• Human versus gorilla DNA – size does matter!

    30/09/2018
    Posted by:

    Dr.M.Raszek


    There are two types of technologies used to sequence genomes, any genomes. The most common one takes the genome that is cut up into millions of short fragments, and it is these short bits of your genome that are all being decoded by the instrument all at the same time. Computers then put all of these fragments back together to assemble your genome by comparing with an existing reference of what a human genome looks like. Basically imagine if you shredded a book in one of those office shredding machines, and afterwards you had to put it back together. Except that for a human genome, you wouldn’t be shredding one book, you would be shredding a whole bunch of bookshelves worth of books, and then putting it back together. On the other side of the spectrum is a long read DNA sequencing technology. As its name implies, it is a technology that can decode long stretches of DNA at a time. In this case the equivalent would be to try to put the book together with entire pages intact, as opposed to everything being shredded.


  • Genome DNA testing in healthy people – what can you find?

    01/09/2018
    Posted by:

    Dr.M.Raszek


    Very little scientific data has come out to assess the utility of genome sequencing in healthy people. While thousands upon thousands of papers have been published on the use of DNA tests in helping to diagnose conditions in order to help manage existing health problems in the population, very little attention has been paid to healthy people sequencing their genomes, despite the fact that thousands of people have already done so.


  • Most gossiped about genetic news of 2017

    12/01/2018
    Posted by:

    Dr.M.Raszek


    A new year is starting, and what better way to commence this year’s blog entry than with the recounting of the most shared genetic stories on social media in 2017. This can range in a whole gamut of directions, from the absurd to serious drama to political statements to scientific information, and is an interesting reflection of how genetic topics fascinate the public.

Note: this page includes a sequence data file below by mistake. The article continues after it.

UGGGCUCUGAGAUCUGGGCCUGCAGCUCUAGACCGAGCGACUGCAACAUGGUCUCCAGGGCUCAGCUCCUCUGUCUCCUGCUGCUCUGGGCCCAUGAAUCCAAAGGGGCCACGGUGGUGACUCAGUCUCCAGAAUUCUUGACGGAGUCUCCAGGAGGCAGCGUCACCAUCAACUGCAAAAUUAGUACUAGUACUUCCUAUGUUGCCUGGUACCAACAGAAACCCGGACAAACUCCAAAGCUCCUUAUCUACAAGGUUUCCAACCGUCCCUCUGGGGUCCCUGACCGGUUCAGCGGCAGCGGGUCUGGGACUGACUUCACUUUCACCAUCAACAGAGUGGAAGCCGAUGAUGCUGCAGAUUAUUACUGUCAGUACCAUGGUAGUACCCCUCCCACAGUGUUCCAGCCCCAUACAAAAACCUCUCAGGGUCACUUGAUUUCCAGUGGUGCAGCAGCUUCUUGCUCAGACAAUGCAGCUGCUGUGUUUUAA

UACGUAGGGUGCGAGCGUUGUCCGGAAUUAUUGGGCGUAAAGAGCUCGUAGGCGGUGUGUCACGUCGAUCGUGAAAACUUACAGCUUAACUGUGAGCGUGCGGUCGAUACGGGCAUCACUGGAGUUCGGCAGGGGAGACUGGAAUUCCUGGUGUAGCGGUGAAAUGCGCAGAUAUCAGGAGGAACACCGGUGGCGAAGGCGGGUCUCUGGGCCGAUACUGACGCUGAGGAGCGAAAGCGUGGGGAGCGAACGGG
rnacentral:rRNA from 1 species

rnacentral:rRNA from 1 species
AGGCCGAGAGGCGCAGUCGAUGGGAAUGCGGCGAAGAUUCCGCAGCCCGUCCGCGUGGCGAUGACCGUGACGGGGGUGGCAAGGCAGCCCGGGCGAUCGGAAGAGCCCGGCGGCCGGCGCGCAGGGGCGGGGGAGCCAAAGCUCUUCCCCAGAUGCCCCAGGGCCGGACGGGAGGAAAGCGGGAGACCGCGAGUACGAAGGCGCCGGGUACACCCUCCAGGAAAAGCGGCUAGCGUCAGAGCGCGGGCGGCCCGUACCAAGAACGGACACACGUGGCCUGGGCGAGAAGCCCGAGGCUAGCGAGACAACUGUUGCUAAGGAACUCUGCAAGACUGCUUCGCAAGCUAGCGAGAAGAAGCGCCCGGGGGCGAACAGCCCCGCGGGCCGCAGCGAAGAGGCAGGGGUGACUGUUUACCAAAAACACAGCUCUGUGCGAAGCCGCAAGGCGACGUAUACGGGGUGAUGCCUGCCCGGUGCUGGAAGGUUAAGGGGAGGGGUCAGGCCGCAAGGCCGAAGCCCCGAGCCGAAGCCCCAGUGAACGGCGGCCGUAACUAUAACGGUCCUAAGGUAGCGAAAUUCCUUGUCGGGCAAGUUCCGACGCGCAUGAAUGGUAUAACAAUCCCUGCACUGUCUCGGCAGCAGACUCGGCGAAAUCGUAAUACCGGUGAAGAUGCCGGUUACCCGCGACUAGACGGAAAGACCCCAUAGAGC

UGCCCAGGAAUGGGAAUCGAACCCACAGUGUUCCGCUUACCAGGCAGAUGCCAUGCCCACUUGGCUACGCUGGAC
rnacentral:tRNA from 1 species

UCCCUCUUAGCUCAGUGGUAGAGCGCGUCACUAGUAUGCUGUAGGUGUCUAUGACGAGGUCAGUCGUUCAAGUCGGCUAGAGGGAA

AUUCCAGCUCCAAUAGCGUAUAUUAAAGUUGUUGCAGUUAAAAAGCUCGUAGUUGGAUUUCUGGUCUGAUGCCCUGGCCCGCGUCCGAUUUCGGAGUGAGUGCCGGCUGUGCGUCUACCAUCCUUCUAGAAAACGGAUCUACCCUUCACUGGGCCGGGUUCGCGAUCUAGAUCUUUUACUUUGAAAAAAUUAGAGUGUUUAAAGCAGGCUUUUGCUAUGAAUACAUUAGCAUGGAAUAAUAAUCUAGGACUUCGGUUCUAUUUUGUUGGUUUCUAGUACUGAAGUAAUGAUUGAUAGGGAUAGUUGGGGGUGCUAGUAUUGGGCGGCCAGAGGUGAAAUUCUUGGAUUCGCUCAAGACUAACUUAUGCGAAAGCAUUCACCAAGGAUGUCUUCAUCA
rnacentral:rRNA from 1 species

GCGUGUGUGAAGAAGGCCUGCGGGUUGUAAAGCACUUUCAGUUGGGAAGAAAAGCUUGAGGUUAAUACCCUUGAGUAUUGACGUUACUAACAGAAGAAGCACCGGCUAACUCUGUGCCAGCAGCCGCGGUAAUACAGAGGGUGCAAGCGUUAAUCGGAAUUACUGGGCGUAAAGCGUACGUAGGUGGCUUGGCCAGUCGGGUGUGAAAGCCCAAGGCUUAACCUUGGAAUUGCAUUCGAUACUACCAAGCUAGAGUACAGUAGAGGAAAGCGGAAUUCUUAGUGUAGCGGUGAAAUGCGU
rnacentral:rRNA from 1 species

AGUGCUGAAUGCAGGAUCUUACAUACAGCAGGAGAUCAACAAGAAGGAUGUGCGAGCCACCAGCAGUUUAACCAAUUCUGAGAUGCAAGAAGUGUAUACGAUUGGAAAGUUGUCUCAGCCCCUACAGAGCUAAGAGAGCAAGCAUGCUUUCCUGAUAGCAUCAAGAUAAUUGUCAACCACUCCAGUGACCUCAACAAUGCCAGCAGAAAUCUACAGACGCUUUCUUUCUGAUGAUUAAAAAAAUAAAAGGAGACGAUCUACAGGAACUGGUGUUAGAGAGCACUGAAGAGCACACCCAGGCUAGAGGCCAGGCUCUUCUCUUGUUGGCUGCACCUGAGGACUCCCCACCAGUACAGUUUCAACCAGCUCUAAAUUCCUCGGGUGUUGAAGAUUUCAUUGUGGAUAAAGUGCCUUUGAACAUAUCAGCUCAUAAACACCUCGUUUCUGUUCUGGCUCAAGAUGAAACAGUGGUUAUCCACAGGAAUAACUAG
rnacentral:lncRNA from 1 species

• Cow research benefiting human health? Yes!

    24/10/2017
    Posted by:

    Dr.M.Raszek


    Everyone agrees on the importance of research to make medical progress. How this actually occurs is poorly understood in the general public, but it is assumed that once a treatment enters a clinical practice, it has been well researched. One of the areas of mystery is the role that research on animals plays in the progress of both human and animal medicine. But rather than getting into a debate on the ethics of animal research for human welfare, I wanted to point out a curious example in how agricultural research can also benefit human health.


  • Synthesising humans, a modern topic of debate?

    27/07/2017
    Posted by:

    Dr.M.Raszek


    One genome-related newstory that has stirred the public lately was last year’s announcement of a project to synthetically build a human genome. What do I mean by that? To build an entire human genome, the DNA code that makes each individual unique, with a machine base by base, chromosome by chromosome. You can imagine such information elicited quite a few gasps among the bewildered public.


  • How valuable is your personal genome sequence? The public decides!

    26/05/2017
    Posted by:

    Dr.M.Raszek


    The word value is tricky as it can have very different meanings to different people. It can be monetary, but it can also have a deeply personal value. In this post, we will look at value from multiple angles. How does the public see the medical utility value of genome sequencing? How does the public see the personal utility value of genome sequencing? How does the public see the cost value of genome sequencing? 

    Which one of these values would be most important to you: medical, personal utility, or cost? It is not a trivial question to answer!


  • Most gossiped about genetic news of 2016

    07/04/2017
    Posted by:

    Dr.M.Raszek


    The new year is in full swing, resolutions have been almost all forgotten, and perhaps it is time to unwind to a social media biggest buzz of 2016 on topics of genome and DNA sequencing. And there is a lot to choose from, ranging from strange to curious to fascinating and always to the latest science.


  • One meeting to shape the world, one concept to bind us all - human genomics

    22/02/2017
    Posted by:

    Dr.M.Raszek


    Do you ever wonder what paramount events might be taking place behind the scenes that will shape your life and yet you never even know about it? One such event took place in Vancouver city not that long ago. 


Display: 1 - 20 of 43
Show on page: 20 | 40 | 100